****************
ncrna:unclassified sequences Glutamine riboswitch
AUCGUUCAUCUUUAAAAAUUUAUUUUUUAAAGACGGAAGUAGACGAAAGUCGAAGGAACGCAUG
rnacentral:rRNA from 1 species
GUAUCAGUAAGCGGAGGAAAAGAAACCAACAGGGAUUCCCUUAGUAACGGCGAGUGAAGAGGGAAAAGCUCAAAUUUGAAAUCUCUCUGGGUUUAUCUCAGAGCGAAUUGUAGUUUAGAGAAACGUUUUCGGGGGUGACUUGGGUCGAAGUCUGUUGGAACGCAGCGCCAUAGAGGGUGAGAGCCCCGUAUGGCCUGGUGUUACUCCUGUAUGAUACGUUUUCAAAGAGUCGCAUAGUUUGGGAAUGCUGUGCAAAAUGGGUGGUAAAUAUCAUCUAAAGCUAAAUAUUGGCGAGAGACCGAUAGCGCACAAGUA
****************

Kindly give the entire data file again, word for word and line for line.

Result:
ncrna:unclassified sequences Glutamine riboswitch
AUCGUUCAUCUUUAAAAAUUUAUUUUUUAAAGACGGAAGUAGACGAAAGUCGAAGGAACGCAUG
rnacentral:rRNA from 1 species
GUAUCAGUAAGCGGAGGAAAAGAAACCAACAGGGAUUCCCUUAGUAACGGCGAGUGAAGAGGGAAAAGCUCAAAUUUGAAAUCUCUCUGGGUUUAUCUCAGAGCGAAUUGUAGUUUAGAGAAACGUUUUCGGGGGUGACUUGGGUCGAAGUCUGUUGGAACGCAGCGCCAUAGAGGGUGAGAGCCCCGUAUGGCCUGGUGUUACUCCUGUAUGAUACGUUUUCAAAGAGUCGCAUAGUUUGGGAAUGCUGUGCAAAAUGGGUGGUAAAUAUCAUCUAAAGCUAAAUAUUGGCGAGAGACCGAUAGCGCACAAGUA